This is a word that has become all too familiar to us in the past century.
In China, “Chairman” Mao Zedong oversaw the deaths of 58 million people in a span of 31 years. Stalin’s USSR saw 20 million people dead under his regime. More recently, in the past twenty years in Rwanda, Somalia, and Darfur, there have been 1.75 million people systematically murdered. One million of those people alone were murdered in 1994 in Rwanda. And of course, the Holocaust stands as the most emblematic destruction of a people, with at least 5.7 million murdered Jews in an eight-year span.
Why do I bring up such an unwelcome topic? Simple. It is going on right in front of our faces.
But just so we don’t lose sight of the reality that should be smacking us in the face constantly, there was a man convicted today of out-and-out murdering three infants and one mother of a partially murdered infant.
The case of Dr. Kermit Gosnell has been relegated to the back pages in favor of more important stories, like the Kardashians’ current weight and O.J. Simpson’s request for a re-trial. Maybe for good reason. The details of the case are beyond imagination. Since 1979, he has been practicing what we refer to as “abortion.” In the past the term would have been “infancide”. It has been practiced since at least biblical times, when unwanted babies (i.e. girls) were simply discarded and left for dead. The early church was noted for saving these children from certain death.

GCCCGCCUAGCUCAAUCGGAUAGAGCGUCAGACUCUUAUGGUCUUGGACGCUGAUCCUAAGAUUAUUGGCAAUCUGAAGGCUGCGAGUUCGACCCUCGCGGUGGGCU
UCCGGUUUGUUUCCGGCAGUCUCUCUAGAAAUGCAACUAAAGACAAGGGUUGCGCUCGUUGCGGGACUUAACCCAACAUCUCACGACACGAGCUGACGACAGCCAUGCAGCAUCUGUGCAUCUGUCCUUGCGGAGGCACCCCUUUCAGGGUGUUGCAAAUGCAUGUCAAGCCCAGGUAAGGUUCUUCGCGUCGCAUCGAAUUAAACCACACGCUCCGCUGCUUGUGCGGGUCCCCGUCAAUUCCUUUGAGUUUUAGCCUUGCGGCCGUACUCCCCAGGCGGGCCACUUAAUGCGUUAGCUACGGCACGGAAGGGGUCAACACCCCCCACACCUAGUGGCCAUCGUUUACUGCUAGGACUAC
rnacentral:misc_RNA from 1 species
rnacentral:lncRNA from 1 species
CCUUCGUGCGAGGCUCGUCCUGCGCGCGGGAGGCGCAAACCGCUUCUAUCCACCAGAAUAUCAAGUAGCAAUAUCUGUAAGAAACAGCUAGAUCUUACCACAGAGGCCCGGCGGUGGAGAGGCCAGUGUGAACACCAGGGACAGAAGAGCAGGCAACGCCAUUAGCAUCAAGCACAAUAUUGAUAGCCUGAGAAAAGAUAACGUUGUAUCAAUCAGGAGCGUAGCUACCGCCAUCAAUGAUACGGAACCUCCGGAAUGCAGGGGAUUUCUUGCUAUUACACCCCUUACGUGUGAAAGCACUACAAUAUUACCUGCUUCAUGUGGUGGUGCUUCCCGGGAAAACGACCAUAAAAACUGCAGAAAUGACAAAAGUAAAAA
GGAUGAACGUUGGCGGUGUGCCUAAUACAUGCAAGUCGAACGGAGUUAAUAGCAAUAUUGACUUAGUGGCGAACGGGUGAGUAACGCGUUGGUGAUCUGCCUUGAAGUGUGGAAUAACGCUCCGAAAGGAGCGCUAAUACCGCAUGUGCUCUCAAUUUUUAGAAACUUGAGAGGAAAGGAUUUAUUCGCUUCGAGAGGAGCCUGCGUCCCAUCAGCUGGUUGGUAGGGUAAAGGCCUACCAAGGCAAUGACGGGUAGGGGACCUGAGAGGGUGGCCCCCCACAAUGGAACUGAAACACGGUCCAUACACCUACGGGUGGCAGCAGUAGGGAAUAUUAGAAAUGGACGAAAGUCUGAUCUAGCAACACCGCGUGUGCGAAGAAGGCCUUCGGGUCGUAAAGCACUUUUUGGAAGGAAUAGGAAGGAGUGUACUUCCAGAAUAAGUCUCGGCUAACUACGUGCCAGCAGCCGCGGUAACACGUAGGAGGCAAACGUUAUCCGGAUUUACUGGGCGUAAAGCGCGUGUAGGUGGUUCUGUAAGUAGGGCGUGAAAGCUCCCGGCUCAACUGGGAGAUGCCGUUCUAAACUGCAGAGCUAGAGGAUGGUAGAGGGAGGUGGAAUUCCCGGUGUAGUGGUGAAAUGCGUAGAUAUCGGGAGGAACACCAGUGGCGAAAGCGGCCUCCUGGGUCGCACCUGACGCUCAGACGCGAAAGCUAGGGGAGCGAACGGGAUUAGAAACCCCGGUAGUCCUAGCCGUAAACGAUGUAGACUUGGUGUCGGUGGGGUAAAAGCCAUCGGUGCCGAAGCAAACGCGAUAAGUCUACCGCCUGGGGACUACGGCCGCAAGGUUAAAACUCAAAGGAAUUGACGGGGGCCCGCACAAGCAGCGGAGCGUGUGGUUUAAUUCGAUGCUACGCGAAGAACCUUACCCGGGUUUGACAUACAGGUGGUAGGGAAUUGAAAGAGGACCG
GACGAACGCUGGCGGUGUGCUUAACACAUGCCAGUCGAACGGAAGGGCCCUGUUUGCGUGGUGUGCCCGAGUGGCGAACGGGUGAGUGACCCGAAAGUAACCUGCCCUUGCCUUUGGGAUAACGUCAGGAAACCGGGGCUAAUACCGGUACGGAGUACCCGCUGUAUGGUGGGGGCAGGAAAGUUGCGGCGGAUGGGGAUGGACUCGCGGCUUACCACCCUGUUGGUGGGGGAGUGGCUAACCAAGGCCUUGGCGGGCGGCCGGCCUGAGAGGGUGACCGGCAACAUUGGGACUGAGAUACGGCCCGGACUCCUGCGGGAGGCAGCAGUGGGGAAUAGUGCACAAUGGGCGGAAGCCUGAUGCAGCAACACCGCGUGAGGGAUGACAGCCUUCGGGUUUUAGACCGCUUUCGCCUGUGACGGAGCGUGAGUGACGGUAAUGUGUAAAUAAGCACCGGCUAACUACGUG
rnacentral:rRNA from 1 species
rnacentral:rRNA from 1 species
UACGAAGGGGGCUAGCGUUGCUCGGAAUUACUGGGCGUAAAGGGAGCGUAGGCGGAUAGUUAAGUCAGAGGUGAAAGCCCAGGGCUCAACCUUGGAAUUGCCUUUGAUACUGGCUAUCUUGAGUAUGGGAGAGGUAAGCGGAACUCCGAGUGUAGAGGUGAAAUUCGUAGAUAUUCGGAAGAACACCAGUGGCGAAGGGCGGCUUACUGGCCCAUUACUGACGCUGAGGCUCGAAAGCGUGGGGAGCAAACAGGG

In the future I hope that this process will be called for what it is: genocide.
Because the most horrifying aspect of this case is the fact that Dr. Gosnell destroyed exponentially more human life that followed the letter of the law than those with which he could ever be prosecuted. This is not a philosophical point.
What would you say if you heard about a man who personally ended the life of 16,000 children? And what if the vast majority of those people happened- just so happened- to be African-American? That is the rest of the story, after all.
The Christian life calls us to see more than what is presented in front of us by our neighbors and friends around us. We are called to see the story beyond what is currently legal, status quo, acceptable, or politically correct. We are a prophetic people.
When we see an ethnic cleansing, we call it an ethnic cleansing. When we see murder, we call it murder, regardless of the current location of the life that is taken. In the womb, out of the womb, we need nobody to tell us that a person is a person, whether they can take care of themselves or not. And the more helpless one is, the more we are responsible to help.
I pray that Kermit Gosnell’s conviction is a wake-up call. I pray that the church, instead of vilifying him (which would be too easy), would lead the way in telling the truth about life. I pray that you and I would have the courage to stand up and be counted in a time when the truth needs to be spoken.
And I pray that we have the courage to act.